Undesired bacteria can be suppressed by preventing them from adhering to the intestinal wall. If bacteria like E. coli cannot adhere to the intestine, they cannot multiply and will be flushed out of the intestinal tract. One way to achieve this is to block the bacteria’s binding sites with which they bind to receptors on the intestinal wall.
Bacteria need these receptors to adhere. The binding sites are located on the fimbriae of bacteria and are very specific, see Figure 3 .
Specific antibodies that are present in spray-dried plasma can block them see Figure 4 . Certain mannan oligosaccharides also can block bacterial adhesion and colonization in a similar way.
Probiotics are beneficial bacteria that suppress pathogenic bacteria. Prebiotics are specific substrates for these beneficial bacteria. Too much Non Digestible Oligosaccharides and Non Starch Polysaccharides in feed can cause bacterial overgrowth leading to diarrhea. By lowering NDO and NSP levels in feed, diarrhea can be prevented.
Too much crude protein in feed creates undigested protein that reaches the large intestine where it is fermented by bacteria. These bacteria produce biogenic amines from the protein, and ammonia-like compounds irritate the intestinal wall causing diarrhea. By lowering a feed’s crude protein level diarrhea can be prevented.
At first sight, it seems appropriate to maximize the immune response of the intestine. This can be done by several immunostimulants like peptidoglycans and zinc. However, triggering the immune system requires quite some energy and amino acids (to produce immune cells and immunoglobulin), and in the worst-case scenario it could lead to undesired inflammation. Also, cytokines can be released leading to a drop in feed intake. In some cases, it may be better to temper the immune system rather than to stimulate it.
The immune system can be tempered by lowering the contact of pathogens to the intestinal wall, and adding blood plasma to feed. The antibodies in the blood plasma bind to the bacteria and viruses, preventing them from coming into contact with the intestine. In addition, omega-3 fatty acids from fish oil reduce inflammatory processes.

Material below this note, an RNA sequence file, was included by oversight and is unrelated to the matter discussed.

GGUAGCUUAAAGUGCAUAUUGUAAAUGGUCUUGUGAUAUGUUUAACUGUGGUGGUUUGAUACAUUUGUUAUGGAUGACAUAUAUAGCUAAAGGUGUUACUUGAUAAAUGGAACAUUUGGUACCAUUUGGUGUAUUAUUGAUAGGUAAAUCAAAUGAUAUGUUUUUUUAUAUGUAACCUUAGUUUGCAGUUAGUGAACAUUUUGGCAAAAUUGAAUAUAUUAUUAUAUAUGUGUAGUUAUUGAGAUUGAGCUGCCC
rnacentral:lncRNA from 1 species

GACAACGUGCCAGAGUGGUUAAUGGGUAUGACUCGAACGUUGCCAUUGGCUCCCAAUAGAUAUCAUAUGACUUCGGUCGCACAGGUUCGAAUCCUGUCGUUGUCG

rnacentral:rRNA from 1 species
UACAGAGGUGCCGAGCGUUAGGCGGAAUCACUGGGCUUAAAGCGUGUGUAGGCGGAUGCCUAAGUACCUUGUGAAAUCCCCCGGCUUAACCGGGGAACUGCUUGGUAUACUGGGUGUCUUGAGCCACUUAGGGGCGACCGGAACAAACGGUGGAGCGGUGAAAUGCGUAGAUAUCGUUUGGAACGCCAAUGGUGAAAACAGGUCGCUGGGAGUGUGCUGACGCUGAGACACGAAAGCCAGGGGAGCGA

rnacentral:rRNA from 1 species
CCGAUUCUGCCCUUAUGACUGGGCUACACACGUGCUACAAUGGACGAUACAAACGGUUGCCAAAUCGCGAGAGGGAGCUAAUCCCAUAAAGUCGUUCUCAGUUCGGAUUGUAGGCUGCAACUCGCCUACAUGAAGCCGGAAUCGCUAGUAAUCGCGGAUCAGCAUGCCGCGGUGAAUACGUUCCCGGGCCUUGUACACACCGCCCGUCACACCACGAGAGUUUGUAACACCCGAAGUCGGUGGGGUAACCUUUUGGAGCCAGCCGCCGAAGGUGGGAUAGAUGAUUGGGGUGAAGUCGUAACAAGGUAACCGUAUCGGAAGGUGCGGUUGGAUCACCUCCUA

Nutrigenomics is the study of molecular relationships between nutrition and the response of genes. It determines the mechanisms behind the effects that nutrients have on health and performance. The goal of nutrigenomics is to make the beneficial genes work harder and better. For example, it has been found that in case of the intake of colostrum, sialidase mRNA is ‘up regulated.’ Sialidase makes holes in the bacterial cell wall. This may be an explanation of the positive effects of colostrum on health.
The challenge is to find out what other compounds have the same effect. Butyric and propionic acid are naturally produced by intestinal flora and play a key role in triggering beneficial genes or suppressing harmful genes. These acids reduce the invasiveness of Salmonella in poultry, and can stimulate the intestine to produce antibacterial peptides (defensins).
The intestine plays a key role in piglet health. Because antibiotics are more and more restricted, alternative concepts to suppress intestinal pathogens are needed. Measures such as increasing feed intake after weaning and lowering NSP, NDO and crude protein all have a positive influence on intestinal health. Main additives that have proved their effectiveness are organic acids, MCFA’s, essential oils, blood plasma and vitamin E.
About Author: Dr. Albert van Dijk is registered as a “specialist, veterinary nutrition” at the Royal Netherlands Veterinary Association and has been closely involved in developing new products and solutions for swine. He is also group manager swine at Provimi in the Netherlands. He can be reached at firstname.lastname@example.org.